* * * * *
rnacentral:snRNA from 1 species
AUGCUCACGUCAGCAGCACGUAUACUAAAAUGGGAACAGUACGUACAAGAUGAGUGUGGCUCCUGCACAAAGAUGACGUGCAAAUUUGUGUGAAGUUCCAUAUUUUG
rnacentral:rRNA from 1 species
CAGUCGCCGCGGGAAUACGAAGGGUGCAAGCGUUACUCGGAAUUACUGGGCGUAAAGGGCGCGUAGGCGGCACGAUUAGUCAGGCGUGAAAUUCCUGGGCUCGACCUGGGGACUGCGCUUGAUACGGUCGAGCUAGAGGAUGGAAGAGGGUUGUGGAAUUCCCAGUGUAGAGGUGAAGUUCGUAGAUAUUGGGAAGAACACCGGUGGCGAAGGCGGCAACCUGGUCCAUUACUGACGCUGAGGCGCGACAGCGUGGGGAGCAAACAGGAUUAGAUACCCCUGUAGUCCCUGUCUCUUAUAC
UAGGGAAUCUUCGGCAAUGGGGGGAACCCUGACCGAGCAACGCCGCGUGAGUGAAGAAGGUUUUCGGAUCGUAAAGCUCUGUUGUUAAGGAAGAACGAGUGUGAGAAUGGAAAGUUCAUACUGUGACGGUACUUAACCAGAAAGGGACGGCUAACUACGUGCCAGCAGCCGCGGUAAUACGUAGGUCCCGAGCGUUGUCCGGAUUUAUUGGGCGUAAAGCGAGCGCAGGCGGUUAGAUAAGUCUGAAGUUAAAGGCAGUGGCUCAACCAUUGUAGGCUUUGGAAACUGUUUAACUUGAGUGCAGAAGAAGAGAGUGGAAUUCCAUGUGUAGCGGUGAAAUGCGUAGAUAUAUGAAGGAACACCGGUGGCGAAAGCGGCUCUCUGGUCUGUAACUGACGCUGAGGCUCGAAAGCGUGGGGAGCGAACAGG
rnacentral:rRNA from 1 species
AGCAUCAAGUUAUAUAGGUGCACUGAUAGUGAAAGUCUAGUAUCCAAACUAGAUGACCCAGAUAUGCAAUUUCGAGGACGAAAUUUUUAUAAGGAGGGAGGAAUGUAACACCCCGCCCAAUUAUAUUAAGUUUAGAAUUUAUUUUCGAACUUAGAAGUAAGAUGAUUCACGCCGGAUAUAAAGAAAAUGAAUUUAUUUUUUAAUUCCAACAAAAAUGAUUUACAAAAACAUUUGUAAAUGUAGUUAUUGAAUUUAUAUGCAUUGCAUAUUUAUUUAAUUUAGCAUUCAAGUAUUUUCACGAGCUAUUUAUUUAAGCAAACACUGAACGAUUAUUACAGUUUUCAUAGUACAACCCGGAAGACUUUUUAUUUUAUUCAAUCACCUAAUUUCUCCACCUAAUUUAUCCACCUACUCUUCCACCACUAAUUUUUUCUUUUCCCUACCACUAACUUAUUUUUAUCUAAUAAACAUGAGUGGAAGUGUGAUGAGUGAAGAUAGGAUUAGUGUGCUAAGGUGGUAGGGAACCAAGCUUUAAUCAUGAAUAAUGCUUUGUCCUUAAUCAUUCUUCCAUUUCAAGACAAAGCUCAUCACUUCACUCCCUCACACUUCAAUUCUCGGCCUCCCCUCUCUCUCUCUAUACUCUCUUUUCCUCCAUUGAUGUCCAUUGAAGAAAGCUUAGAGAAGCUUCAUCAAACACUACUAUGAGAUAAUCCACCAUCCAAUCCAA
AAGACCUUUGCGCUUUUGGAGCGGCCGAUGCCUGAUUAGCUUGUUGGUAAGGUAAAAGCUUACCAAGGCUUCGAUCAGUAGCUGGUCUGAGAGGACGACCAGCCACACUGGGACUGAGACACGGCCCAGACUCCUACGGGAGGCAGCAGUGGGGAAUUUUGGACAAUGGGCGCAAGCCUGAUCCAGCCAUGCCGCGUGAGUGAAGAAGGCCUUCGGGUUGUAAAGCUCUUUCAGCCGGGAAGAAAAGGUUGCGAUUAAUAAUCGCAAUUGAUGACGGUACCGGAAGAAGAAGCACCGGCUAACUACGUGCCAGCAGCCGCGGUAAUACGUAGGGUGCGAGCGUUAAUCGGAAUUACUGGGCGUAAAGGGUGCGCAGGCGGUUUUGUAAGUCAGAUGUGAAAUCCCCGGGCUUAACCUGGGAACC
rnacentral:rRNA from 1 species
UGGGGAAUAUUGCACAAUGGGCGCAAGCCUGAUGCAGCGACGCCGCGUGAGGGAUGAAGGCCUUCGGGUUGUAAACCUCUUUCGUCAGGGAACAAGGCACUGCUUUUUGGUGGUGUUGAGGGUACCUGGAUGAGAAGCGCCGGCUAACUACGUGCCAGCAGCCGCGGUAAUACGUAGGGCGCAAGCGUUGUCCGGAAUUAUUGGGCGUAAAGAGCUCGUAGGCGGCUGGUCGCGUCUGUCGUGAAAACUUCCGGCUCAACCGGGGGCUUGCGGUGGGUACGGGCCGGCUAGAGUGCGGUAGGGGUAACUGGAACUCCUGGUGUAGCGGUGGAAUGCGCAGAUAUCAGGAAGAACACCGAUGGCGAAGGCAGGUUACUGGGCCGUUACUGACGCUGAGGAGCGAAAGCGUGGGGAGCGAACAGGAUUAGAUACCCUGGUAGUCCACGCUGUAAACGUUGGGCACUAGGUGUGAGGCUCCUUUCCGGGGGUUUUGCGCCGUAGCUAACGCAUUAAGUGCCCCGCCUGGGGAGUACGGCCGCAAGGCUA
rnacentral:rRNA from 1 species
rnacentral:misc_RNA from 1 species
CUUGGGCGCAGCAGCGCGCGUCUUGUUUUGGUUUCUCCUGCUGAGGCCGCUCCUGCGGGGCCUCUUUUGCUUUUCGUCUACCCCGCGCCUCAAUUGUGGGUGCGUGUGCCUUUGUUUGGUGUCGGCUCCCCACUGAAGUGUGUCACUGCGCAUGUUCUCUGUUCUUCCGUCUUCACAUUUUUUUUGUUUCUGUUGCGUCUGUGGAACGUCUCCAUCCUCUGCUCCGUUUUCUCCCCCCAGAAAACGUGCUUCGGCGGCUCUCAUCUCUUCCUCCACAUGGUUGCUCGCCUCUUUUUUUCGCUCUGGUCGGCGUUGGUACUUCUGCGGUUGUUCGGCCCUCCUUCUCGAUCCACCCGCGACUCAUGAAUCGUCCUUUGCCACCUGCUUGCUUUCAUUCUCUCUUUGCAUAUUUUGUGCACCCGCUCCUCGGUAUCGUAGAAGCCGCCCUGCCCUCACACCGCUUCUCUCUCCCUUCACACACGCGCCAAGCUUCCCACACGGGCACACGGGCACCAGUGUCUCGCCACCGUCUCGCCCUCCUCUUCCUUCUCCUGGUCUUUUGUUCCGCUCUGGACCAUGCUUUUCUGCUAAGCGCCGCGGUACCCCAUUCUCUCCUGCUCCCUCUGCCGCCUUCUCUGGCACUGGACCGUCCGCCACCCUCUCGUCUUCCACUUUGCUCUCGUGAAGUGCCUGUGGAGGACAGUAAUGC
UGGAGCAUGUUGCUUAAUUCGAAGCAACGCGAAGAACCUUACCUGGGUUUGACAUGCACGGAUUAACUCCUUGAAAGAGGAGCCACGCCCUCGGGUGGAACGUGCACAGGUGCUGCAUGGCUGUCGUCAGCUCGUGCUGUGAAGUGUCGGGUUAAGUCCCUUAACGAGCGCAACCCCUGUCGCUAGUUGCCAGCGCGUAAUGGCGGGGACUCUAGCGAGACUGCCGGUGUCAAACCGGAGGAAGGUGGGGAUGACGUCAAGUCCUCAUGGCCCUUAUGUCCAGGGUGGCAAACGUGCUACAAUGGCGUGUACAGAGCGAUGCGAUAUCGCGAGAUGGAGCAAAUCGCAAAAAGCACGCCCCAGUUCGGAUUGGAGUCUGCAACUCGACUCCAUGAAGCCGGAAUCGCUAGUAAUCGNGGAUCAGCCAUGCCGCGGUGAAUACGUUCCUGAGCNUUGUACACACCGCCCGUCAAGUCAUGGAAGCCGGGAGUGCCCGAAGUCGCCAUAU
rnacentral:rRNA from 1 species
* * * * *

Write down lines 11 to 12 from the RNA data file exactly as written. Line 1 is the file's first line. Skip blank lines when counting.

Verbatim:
rnacentral:rRNA from 1 species
rnacentral:misc_RNA from 1 species